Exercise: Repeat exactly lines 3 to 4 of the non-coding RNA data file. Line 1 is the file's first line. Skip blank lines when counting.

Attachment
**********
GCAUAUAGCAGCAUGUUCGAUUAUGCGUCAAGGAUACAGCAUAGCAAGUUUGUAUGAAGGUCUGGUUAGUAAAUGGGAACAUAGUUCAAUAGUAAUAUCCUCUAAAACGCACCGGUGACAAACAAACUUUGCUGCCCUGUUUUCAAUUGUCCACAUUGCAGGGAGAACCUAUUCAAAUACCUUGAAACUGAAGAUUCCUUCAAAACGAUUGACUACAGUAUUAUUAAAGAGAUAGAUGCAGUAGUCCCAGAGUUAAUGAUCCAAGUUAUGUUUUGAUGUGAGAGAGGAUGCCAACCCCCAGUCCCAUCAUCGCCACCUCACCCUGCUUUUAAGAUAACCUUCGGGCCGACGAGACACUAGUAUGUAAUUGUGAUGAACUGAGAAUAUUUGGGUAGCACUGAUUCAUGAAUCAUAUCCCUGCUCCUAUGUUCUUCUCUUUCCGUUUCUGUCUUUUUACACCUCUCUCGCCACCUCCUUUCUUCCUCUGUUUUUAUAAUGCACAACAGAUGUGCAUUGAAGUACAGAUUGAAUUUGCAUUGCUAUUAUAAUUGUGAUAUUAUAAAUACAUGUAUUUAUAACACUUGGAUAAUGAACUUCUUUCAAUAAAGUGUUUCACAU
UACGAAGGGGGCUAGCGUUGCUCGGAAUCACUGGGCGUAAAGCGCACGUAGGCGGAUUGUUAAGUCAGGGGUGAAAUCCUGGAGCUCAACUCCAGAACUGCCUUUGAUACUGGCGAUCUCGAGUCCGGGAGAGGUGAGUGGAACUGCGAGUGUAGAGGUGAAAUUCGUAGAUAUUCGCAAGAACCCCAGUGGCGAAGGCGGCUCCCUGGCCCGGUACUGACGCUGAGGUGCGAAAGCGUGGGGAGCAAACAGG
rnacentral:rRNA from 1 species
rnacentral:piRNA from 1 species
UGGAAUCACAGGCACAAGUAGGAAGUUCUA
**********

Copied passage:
rnacentral:rRNA from 1 species
rnacentral:piRNA from 1 species